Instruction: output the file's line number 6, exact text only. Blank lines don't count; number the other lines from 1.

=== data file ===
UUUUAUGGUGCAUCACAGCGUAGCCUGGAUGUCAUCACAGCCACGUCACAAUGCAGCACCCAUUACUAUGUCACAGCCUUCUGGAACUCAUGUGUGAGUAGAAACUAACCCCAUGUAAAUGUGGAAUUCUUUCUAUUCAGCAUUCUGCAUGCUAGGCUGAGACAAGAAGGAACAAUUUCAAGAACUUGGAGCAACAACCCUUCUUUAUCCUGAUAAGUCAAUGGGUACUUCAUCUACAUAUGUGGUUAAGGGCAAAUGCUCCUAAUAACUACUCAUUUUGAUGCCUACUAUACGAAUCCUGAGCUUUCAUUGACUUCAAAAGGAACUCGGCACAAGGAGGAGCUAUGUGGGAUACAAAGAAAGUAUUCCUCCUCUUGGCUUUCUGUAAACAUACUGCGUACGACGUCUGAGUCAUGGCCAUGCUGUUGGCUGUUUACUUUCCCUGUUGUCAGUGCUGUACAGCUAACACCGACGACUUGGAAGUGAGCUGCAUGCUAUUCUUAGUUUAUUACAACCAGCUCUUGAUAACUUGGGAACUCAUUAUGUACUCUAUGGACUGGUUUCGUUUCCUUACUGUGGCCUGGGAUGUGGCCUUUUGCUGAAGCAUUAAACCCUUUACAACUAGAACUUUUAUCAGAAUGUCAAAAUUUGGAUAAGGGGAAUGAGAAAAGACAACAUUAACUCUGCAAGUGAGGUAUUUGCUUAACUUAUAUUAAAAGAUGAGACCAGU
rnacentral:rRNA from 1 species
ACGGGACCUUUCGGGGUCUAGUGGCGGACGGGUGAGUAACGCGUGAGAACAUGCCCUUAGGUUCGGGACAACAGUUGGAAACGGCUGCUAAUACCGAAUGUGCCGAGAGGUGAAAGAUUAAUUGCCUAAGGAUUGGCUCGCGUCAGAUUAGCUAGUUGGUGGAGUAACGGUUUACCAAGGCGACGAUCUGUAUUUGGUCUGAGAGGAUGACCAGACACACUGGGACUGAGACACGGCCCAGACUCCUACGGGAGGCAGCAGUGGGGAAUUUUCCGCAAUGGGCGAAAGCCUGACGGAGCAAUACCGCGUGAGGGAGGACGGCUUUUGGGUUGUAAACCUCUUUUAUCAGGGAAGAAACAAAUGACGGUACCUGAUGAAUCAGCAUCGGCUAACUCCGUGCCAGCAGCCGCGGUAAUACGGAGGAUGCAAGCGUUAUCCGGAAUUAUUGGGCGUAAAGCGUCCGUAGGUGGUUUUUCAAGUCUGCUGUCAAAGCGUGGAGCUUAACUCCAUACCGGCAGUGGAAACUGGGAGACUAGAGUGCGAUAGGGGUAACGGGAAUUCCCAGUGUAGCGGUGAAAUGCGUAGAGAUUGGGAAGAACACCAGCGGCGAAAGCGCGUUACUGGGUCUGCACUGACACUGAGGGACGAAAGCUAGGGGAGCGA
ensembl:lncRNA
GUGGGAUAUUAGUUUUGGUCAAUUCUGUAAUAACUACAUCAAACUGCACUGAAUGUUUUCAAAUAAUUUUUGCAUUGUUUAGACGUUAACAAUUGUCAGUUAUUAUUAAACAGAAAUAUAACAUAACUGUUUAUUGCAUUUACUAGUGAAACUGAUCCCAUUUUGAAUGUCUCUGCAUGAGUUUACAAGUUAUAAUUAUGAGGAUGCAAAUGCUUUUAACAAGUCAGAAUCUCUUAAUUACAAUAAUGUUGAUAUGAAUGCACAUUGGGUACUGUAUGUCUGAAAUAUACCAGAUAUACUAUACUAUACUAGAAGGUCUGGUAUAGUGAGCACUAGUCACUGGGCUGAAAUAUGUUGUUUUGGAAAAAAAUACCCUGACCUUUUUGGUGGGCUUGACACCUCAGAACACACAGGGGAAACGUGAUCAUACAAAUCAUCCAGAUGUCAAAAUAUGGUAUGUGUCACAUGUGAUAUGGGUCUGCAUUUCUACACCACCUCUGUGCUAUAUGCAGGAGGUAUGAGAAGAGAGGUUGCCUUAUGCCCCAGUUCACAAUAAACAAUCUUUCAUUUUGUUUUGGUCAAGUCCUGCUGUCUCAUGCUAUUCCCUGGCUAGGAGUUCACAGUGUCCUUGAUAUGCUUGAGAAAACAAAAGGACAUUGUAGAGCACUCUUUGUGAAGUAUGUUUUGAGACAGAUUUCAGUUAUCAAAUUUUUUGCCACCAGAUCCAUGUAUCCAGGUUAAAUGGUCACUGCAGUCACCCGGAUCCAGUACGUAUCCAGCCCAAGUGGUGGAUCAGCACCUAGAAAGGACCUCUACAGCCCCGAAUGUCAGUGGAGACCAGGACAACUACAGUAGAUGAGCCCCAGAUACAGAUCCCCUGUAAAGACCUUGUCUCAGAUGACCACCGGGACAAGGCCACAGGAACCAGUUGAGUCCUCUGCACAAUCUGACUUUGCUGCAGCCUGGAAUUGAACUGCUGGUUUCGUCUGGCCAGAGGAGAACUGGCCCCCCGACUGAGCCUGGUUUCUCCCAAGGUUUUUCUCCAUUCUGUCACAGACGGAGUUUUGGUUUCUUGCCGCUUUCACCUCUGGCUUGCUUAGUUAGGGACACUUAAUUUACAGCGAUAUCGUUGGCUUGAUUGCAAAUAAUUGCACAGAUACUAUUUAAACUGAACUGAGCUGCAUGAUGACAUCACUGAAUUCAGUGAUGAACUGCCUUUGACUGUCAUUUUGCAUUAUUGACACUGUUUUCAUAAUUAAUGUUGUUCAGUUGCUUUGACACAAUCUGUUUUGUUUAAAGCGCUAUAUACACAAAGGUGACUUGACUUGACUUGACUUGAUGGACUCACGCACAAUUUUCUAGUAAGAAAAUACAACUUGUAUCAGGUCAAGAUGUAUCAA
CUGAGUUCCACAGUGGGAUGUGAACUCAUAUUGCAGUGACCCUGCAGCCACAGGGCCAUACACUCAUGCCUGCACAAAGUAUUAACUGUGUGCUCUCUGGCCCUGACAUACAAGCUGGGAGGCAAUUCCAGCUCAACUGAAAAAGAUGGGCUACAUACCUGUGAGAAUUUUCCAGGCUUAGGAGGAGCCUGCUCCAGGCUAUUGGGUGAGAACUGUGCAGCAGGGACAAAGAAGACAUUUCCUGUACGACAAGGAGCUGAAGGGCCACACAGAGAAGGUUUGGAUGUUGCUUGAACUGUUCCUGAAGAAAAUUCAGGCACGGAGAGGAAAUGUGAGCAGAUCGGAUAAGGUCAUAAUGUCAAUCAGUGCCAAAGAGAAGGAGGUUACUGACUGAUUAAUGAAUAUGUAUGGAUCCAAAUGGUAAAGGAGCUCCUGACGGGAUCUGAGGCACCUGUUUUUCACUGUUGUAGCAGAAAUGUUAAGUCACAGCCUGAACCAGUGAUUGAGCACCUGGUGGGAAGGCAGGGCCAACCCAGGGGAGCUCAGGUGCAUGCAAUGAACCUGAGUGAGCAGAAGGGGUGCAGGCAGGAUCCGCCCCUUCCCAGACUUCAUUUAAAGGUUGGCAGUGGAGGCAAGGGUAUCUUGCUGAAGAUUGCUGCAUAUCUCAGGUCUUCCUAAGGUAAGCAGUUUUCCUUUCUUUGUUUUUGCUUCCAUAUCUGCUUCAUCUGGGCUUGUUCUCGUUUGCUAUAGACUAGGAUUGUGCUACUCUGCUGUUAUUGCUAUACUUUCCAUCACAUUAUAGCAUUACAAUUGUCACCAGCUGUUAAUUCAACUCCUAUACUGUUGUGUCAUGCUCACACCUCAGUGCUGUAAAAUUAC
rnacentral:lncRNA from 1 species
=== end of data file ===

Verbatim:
CUGAGUUCCACAGUGGGAUGUGAACUCAUAUUGCAGUGACCCUGCAGCCACAGGGCCAUACACUCAUGCCUGCACAAAGUAUUAACUGUGUGCUCUCUGGCCCUGACAUACAAGCUGGGAGGCAAUUCCAGCUCAACUGAAAAAGAUGGGCUACAUACCUGUGAGAAUUUUCCAGGCUUAGGAGGAGCCUGCUCCAGGCUAUUGGGUGAGAACUGUGCAGCAGGGACAAAGAAGACAUUUCCUGUACGACAAGGAGCUGAAGGGCCACACAGAGAAGGUUUGGAUGUUGCUUGAACUGUUCCUGAAGAAAAUUCAGGCACGGAGAGGAAAUGUGAGCAGAUCGGAUAAGGUCAUAAUGUCAAUCAGUGCCAAAGAGAAGGAGGUUACUGACUGAUUAAUGAAUAUGUAUGGAUCCAAAUGGUAAAGGAGCUCCUGACGGGAUCUGAGGCACCUGUUUUUCACUGUUGUAGCAGAAAUGUUAAGUCACAGCCUGAACCAGUGAUUGAGCACCUGGUGGGAAGGCAGGGCCAACCCAGGGGAGCUCAGGUGCAUGCAAUGAACCUGAGUGAGCAGAAGGGGUGCAGGCAGGAUCCGCCCCUUCCCAGACUUCAUUUAAAGGUUGGCAGUGGAGGCAAGGGUAUCUUGCUGAAGAUUGCUGCAUAUCUCAGGUCUUCCUAAGGUAAGCAGUUUUCCUUUCUUUGUUUUUGCUUCCAUAUCUGCUUCAUCUGGGCUUGUUCUCGUUUGCUAUAGACUAGGAUUGUGCUACUCUGCUGUUAUUGCUAUACUUUCCAUCACAUUAUAGCAUUACAAUUGUCACCAGCUGUUAAUUCAACUCCUAUACUGUUGUGUCAUGCUCACACCUCAGUGCUGUAAAAUUAC